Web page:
Naval History and Heritage Command

Naval History and Heritage Command

NH 103909 First Lieutenant Harry L. Martin, USMCR

Photo #: NH 103909  First Lieutenant Harry L. Martin, USMCR
Description: Halftone reproduction of a photograph, copied from the official publication Medal of Honor, 1861-1949, The Navy, page 221. Harry L. Martin received the Medal of Honor, posthumously, for conspicuous gallantry and intrepidity at the risk of his life on 26 February 1945, during the Battle of Iwo Jima. U.S. Naval History and Heritage Command Photograph.
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Medal of Honor citation of First Lieutenant Harry Linn Martin, USMCR (as printed in the official publication "Medal of Honor, 1861-1949, The Navy", page 221):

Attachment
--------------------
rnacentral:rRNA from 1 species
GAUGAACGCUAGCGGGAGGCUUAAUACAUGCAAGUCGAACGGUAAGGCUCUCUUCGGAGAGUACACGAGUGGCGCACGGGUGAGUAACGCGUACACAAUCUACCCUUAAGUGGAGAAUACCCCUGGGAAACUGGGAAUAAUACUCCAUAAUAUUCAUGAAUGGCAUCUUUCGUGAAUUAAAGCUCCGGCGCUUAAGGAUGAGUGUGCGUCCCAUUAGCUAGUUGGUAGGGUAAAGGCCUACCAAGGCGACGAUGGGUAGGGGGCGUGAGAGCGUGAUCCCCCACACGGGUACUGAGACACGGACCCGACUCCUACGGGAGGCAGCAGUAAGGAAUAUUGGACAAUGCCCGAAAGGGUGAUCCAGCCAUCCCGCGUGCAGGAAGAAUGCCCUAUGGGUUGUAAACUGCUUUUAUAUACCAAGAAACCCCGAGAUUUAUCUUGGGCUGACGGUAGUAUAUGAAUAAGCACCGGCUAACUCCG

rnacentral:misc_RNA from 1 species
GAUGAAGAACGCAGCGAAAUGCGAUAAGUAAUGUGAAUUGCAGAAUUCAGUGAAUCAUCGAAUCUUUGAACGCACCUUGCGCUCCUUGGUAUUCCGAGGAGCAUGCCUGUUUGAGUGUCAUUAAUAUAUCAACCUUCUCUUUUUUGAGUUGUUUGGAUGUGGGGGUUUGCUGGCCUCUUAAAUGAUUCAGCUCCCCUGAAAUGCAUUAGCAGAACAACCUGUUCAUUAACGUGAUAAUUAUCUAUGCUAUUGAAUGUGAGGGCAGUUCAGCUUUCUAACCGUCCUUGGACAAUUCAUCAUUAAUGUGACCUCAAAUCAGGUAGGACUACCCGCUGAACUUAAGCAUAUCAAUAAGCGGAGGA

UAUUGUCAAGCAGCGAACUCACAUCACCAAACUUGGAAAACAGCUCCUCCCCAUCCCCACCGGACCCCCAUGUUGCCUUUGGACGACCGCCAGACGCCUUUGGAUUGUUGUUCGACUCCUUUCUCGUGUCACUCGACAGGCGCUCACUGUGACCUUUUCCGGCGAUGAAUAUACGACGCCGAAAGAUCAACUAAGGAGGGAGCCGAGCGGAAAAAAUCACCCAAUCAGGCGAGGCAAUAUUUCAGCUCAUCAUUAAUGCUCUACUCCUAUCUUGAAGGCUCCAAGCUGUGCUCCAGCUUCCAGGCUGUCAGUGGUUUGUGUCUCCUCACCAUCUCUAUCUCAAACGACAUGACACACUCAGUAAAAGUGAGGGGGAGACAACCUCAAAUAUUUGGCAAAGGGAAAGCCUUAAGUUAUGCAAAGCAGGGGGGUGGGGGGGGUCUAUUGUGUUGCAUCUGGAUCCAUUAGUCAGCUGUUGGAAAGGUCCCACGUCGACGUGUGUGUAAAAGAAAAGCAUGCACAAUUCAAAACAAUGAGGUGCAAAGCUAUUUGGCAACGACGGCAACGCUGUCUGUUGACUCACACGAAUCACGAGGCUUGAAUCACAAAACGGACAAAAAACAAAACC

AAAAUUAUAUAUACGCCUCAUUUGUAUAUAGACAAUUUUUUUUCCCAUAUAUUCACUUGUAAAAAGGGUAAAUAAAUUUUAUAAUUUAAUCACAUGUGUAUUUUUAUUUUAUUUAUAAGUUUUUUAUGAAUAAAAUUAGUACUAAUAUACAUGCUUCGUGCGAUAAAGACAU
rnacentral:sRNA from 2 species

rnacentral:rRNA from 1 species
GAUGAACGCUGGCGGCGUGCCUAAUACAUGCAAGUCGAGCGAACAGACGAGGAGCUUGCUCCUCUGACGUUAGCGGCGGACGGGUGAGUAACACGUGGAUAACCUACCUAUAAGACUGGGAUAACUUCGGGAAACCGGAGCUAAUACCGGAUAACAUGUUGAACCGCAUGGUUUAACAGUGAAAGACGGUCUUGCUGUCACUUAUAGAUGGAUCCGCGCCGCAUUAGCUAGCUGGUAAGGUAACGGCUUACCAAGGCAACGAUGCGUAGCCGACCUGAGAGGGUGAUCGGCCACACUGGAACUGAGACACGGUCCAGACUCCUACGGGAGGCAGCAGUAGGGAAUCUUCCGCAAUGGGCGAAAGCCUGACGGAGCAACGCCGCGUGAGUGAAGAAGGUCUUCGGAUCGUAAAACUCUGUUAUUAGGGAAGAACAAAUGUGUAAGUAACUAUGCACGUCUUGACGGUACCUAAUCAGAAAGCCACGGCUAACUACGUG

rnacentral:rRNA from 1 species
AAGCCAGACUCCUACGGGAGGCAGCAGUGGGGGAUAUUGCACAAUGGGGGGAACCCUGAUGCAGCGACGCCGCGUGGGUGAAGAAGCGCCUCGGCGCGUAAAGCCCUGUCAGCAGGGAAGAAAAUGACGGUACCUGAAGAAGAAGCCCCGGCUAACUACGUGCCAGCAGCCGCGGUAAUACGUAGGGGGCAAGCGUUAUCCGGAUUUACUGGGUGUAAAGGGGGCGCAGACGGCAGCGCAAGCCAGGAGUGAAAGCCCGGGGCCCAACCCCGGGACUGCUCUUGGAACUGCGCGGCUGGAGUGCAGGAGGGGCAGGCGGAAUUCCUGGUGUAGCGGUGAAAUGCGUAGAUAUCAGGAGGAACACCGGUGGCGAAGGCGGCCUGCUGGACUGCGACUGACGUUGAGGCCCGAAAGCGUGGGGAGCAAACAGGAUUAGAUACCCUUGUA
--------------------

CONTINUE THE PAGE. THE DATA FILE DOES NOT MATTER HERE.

"For conspicuous gallantry and intrepidity at the risk of his life above and beyond the call of duty as Platoon Leader attached to Company C, Fifth Pioneer Battalion, FIFTH Marine Division, in action against enemy Japanese forces on Iwo Jima, Volcano Islands, 26 March 1945. With his sector of the Fifth Pioneer Battalion bivouac area penetrated by a concentrated enemy attack launched a few minutes before dawn, First Lieutenant Martin instantly organized a firing line with the Marines nearest his foxhole and succeeded in checking momentarily the headlong rush of the Japanese. Determined to rescue several of his men trapped in positions overrun by the enemy, he defied intense hostile fire to work his way through the Japanese to the surrounded Marines. Although sustaining two severe wounds, he blasted the Japanese who attempted to intercept him, located his beleaguered men and directed them to their own lines. When four of the infiltrating enemy took possession of an abandoned machine-gun pit and subjected his sector to a barrage of hand grenades, First Lieutenant Martin, alone and armed only with a pistol, boldly charged the hostile position and killed all of its occupants. Realizing that his few remaining comrades could not repulse another organized attack, he called to his men to follow and then charged into the midst of the strong enemy force, firing his weapon and scattering them until he fell, mortally wounded by a grenade. By his outstanding valor, indomitable fighting spirit and tenacious determination in the face of overwhelming odds, First Lieutenant Martin permanently disrupted a coordinated Japanese attack and prevented a greater loss of life in his own and adjacent platoons. His inspiring leadership and unswerving devotion to duty reflect the highest credit upon himself and the United States Naval Service. He gallantly gave his life for his country."

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